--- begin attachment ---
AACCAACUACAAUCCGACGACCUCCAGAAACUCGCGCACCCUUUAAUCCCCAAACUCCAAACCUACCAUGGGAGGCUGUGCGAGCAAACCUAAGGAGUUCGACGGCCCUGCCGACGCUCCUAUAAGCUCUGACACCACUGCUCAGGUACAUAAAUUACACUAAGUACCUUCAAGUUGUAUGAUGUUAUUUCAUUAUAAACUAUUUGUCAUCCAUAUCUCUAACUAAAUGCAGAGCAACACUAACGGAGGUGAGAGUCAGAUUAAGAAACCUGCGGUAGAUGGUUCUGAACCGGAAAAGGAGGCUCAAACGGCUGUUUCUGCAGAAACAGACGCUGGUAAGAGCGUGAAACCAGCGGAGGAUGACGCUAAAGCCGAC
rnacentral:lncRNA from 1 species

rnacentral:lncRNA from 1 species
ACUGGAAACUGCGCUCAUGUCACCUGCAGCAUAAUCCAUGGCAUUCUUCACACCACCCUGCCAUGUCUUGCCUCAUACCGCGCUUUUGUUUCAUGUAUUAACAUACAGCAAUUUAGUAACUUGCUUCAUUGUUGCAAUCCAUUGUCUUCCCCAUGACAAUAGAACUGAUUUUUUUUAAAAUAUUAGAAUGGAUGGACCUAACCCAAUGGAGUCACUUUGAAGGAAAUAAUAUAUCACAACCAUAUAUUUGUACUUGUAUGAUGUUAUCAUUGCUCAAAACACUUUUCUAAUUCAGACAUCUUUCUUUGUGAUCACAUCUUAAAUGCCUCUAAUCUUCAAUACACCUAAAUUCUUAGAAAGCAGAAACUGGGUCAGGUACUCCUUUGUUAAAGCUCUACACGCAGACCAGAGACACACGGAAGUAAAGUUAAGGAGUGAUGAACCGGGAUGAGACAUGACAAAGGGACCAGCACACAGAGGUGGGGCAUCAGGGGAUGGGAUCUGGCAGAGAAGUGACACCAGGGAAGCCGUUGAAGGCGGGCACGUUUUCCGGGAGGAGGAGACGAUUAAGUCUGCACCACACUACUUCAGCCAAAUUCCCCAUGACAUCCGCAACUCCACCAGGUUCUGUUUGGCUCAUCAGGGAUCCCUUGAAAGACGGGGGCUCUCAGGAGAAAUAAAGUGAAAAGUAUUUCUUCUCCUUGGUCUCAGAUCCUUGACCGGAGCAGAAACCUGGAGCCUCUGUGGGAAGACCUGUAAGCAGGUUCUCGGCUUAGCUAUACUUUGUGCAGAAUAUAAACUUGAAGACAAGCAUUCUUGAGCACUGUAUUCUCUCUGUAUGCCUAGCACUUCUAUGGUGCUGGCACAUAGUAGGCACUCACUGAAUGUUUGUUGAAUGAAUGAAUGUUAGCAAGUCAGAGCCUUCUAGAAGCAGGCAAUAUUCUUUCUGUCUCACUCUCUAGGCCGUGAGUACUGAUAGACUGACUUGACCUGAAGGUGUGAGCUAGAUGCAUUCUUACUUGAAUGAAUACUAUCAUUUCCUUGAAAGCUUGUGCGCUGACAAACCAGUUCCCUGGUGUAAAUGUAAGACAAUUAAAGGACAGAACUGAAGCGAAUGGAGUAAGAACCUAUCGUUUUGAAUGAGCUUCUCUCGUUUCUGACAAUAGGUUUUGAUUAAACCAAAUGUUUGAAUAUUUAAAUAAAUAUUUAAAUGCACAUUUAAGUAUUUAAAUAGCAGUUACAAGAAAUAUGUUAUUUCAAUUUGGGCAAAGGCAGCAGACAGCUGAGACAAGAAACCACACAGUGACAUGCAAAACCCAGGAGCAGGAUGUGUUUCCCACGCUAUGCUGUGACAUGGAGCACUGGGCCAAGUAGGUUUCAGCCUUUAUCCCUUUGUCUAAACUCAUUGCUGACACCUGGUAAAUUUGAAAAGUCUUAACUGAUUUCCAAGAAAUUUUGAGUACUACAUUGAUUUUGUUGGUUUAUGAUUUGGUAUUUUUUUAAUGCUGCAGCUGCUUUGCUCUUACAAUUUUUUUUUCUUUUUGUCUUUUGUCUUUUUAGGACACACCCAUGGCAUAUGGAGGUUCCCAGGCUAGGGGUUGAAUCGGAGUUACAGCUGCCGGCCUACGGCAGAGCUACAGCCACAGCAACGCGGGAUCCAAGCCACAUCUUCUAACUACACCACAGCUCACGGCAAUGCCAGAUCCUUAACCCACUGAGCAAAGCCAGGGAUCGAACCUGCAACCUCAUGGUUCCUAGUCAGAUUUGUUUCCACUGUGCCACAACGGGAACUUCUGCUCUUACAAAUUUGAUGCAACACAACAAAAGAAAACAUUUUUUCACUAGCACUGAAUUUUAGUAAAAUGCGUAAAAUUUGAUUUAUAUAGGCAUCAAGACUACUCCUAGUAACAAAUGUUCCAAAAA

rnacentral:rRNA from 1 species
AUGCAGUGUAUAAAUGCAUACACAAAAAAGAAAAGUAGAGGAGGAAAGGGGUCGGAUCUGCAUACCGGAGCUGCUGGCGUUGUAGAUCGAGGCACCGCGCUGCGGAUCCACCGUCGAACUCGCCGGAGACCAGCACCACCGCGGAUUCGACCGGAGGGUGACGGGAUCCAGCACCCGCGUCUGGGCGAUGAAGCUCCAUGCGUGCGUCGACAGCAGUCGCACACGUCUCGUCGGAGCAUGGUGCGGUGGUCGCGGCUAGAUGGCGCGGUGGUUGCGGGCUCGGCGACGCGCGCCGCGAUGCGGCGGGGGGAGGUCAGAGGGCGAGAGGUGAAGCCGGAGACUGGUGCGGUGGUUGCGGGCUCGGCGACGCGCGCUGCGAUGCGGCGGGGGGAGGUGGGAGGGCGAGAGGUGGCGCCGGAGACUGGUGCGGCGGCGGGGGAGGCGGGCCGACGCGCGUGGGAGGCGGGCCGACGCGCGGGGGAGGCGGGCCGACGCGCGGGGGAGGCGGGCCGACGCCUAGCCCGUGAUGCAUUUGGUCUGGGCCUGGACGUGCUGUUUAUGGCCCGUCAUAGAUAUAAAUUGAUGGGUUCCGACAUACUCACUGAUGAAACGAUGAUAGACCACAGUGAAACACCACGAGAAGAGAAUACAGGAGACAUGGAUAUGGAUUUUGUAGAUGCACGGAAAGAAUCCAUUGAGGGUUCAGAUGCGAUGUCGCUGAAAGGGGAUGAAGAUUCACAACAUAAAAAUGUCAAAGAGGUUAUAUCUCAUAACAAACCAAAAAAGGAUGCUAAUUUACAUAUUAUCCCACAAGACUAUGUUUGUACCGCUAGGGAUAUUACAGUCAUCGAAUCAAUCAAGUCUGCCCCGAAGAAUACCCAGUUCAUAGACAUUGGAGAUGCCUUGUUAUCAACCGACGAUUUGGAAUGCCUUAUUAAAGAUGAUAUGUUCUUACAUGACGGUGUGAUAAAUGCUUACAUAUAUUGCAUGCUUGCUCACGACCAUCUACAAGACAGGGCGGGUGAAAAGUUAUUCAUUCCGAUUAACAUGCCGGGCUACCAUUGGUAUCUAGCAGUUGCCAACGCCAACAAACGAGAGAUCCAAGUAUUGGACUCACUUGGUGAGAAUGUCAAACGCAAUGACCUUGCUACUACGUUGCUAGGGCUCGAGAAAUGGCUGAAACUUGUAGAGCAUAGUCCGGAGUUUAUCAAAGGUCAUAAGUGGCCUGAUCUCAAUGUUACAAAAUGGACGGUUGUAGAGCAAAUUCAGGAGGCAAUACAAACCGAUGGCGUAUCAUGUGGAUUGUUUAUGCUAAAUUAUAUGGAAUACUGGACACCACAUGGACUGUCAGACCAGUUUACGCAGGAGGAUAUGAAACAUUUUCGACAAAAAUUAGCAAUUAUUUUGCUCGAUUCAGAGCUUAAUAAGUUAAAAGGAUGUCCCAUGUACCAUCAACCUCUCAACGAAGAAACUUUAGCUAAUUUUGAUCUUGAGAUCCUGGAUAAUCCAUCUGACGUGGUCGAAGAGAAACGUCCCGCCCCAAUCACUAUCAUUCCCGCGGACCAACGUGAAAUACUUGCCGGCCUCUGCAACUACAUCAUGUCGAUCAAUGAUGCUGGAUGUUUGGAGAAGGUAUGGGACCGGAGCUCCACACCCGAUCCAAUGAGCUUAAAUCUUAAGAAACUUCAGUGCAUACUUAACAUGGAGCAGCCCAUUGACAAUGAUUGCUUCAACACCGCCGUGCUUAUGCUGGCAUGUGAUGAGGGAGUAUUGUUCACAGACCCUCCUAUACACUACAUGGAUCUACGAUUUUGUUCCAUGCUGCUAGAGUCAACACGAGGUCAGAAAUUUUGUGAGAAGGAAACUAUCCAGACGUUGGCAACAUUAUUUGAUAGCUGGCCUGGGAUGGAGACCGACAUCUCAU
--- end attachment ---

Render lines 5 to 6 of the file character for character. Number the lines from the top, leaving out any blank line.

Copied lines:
rnacentral:rRNA from 1 species
AUGCAGUGUAUAAAUGCAUACACAAAAAAGAAAAGUAGAGGAGGAAAGGGGUCGGAUCUGCAUACCGGAGCUGCUGGCGUUGUAGAUCGAGGCACCGCGCUGCGGAUCCACCGUCGAACUCGCCGGAGACCAGCACCACCGCGGAUUCGACCGGAGGGUGACGGGAUCCAGCACCCGCGUCUGGGCGAUGAAGCUCCAUGCGUGCGUCGACAGCAGUCGCACACGUCUCGUCGGAGCAUGGUGCGGUGGUCGCGGCUAGAUGGCGCGGUGGUUGCGGGCUCGGCGACGCGCGCCGCGAUGCGGCGGGGGGAGGUCAGAGGGCGAGAGGUGAAGCCGGAGACUGGUGCGGUGGUUGCGGGCUCGGCGACGCGCGCUGCGAUGCGGCGGGGGGAGGUGGGAGGGCGAGAGGUGGCGCCGGAGACUGGUGCGGCGGCGGGGGAGGCGGGCCGACGCGCGUGGGAGGCGGGCCGACGCGCGGGGGAGGCGGGCCGACGCGCGGGGGAGGCGGGCCGACGCCUAGCCCGUGAUGCAUUUGGUCUGGGCCUGGACGUGCUGUUUAUGGCCCGUCAUAGAUAUAAAUUGAUGGGUUCCGACAUACUCACUGAUGAAACGAUGAUAGACCACAGUGAAACACCACGAGAAGAGAAUACAGGAGACAUGGAUAUGGAUUUUGUAGAUGCACGGAAAGAAUCCAUUGAGGGUUCAGAUGCGAUGUCGCUGAAAGGGGAUGAAGAUUCACAACAUAAAAAUGUCAAAGAGGUUAUAUCUCAUAACAAACCAAAAAAGGAUGCUAAUUUACAUAUUAUCCCACAAGACUAUGUUUGUACCGCUAGGGAUAUUACAGUCAUCGAAUCAAUCAAGUCUGCCCCGAAGAAUACCCAGUUCAUAGACAUUGGAGAUGCCUUGUUAUCAACCGACGAUUUGGAAUGCCUUAUUAAAGAUGAUAUGUUCUUACAUGACGGUGUGAUAAAUGCUUACAUAUAUUGCAUGCUUGCUCACGACCAUCUACAAGACAGGGCGGGUGAAAAGUUAUUCAUUCCGAUUAACAUGCCGGGCUACCAUUGGUAUCUAGCAGUUGCCAACGCCAACAAACGAGAGAUCCAAGUAUUGGACUCACUUGGUGAGAAUGUCAAACGCAAUGACCUUGCUACUACGUUGCUAGGGCUCGAGAAAUGGCUGAAACUUGUAGAGCAUAGUCCGGAGUUUAUCAAAGGUCAUAAGUGGCCUGAUCUCAAUGUUACAAAAUGGACGGUUGUAGAGCAAAUUCAGGAGGCAAUACAAACCGAUGGCGUAUCAUGUGGAUUGUUUAUGCUAAAUUAUAUGGAAUACUGGACACCACAUGGACUGUCAGACCAGUUUACGCAGGAGGAUAUGAAACAUUUUCGACAAAAAUUAGCAAUUAUUUUGCUCGAUUCAGAGCUUAAUAAGUUAAAAGGAUGUCCCAUGUACCAUCAACCUCUCAACGAAGAAACUUUAGCUAAUUUUGAUCUUGAGAUCCUGGAUAAUCCAUCUGACGUGGUCGAAGAGAAACGUCCCGCCCCAAUCACUAUCAUUCCCGCGGACCAACGUGAAAUACUUGCCGGCCUCUGCAACUACAUCAUGUCGAUCAAUGAUGCUGGAUGUUUGGAGAAGGUAUGGGACCGGAGCUCCACACCCGAUCCAAUGAGCUUAAAUCUUAAGAAACUUCAGUGCAUACUUAACAUGGAGCAGCCCAUUGACAAUGAUUGCUUCAACACCGCCGUGCUUAUGCUGGCAUGUGAUGAGGGAGUAUUGUUCACAGACCCUCCUAUACACUACAUGGAUCUACGAUUUUGUUCCAUGCUGCUAGAGUCAACACGAGGUCAGAAAUUUUGUGAGAAGGAAACUAUCCAGACGUUGGCAACAUUAUUUGAUAGCUGGCCUGGGAUGGAGACCGACAUCUCAU